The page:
Almost age 27 in 1991, I was in the right place at the right time when UCLA Professor Jim Wilkie arrived in Sighet September 17th with Professor James Platler (his friend and driver). They came as part of their trip to assess the impact of the 1989 Fall of Iron Curtain--which had imprisoned all Romanians and made it a crime to try to escape from Romania. The two Americans had already visited “East” Germany,
Czechia,[7] and Slovakia (soon to break their union, each becoming independent), and Poland, where English speakers could provide guidance.
In Romania the UCLA Team found itself at a loss as few of the people who they encountered could speak English and none of them could analyze or articulate how the System of Government and society functioned before and after 1989.
       When we met, Jim immediately contracted[8] with me to advise them as well as guide them through Eastern Europe. They were pleased to hear the my outline of Transylvanian and Romanian history (see above), with which I explained how constant national boundary change meant that Transylvanians and Romanians were never able to develop either honest civil government or active civic society. Little did I know that the concepts of “Civic” and “Civil” Society were of utmost importance to Jim. As I would find out later, Jim and I had been conducting compatible research for year earlier and lead us to write two books.[9] Both books  distinguish  between our analysis of Civil Society (which represents national and local governmental activity and Civic Society (which involves active private citizens (who organize non-governmental initiatives to develop model projects beyond the ability of official bureaucrats to even comprehend, including the influence needed to monitor and expose the failures and successes of governmental activity).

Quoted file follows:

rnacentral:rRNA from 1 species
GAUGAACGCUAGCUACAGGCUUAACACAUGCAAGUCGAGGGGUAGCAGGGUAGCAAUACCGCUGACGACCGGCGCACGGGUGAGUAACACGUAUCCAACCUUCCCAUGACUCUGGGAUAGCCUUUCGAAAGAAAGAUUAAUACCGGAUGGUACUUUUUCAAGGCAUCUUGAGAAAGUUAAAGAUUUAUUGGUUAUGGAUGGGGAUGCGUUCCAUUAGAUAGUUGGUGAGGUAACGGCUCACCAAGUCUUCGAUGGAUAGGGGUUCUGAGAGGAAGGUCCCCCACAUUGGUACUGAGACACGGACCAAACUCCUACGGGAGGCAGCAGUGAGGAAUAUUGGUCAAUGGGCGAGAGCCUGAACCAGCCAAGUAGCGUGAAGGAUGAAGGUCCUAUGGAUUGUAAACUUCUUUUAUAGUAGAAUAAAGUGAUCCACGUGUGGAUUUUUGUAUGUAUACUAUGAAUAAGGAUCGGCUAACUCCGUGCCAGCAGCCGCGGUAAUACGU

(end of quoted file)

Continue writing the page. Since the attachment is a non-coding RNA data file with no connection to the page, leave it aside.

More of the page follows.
But before we left September 18th to visit Romania and Hungary, I had to find a substitute for my new class teaching American English and History in Sighet—I left a friend, Johny Popescu, to become my permanent substitute. Only then could our newly expanded Team set off under my guidance.
Thus, we set out on  September 18, 1991, to visit one of the most socially and economically interesting and beautiful parts of Romania by going up thought the green forested Carpathian Mountains via the beautiful Prislop Pass, stopping to visit small farming families in their folkloric clothing of which they were justifiably proud to wear on a daily basis.  Farther east in Romania, on the scenic roads, we visited the monasteries of Moldova, the town of Cimpulung Moldovenesc, Suceava, and then the  Monasteries  in Sucevita and Agapia. The gorgeous forested mountain road eventually led to Lacul Rosu and the lake country. Then we took the long scenic mountain road to  Cluj Napoca to visit my University.
As I briefed Jim about Romania, he was briefing me about factors in comparing national economies. For example, he told me about how he had reunited in Prague on September 15th with Richard Beesen, his former UCLA student and friend, to hear about his role in London as Manger of Deutsche Bank’s New Accounts in Russia and Eastern Europe. Richard had become famous for inviting Banking Officials and national Treasury Ministries to deposit their financial reserves on deposit in his bank in London. But because those who did not understand anything about “interest payment on deposited funds, they did not ask for nor did they gain any interest payments. Also, because most Western Banks were not sure that these new “capitalists” could be “fully trusted” for correct management of their deposits, his Deutsche Bank collected large fees to keep the Eastern Europe reserves safe. This was all very eye-opening for me.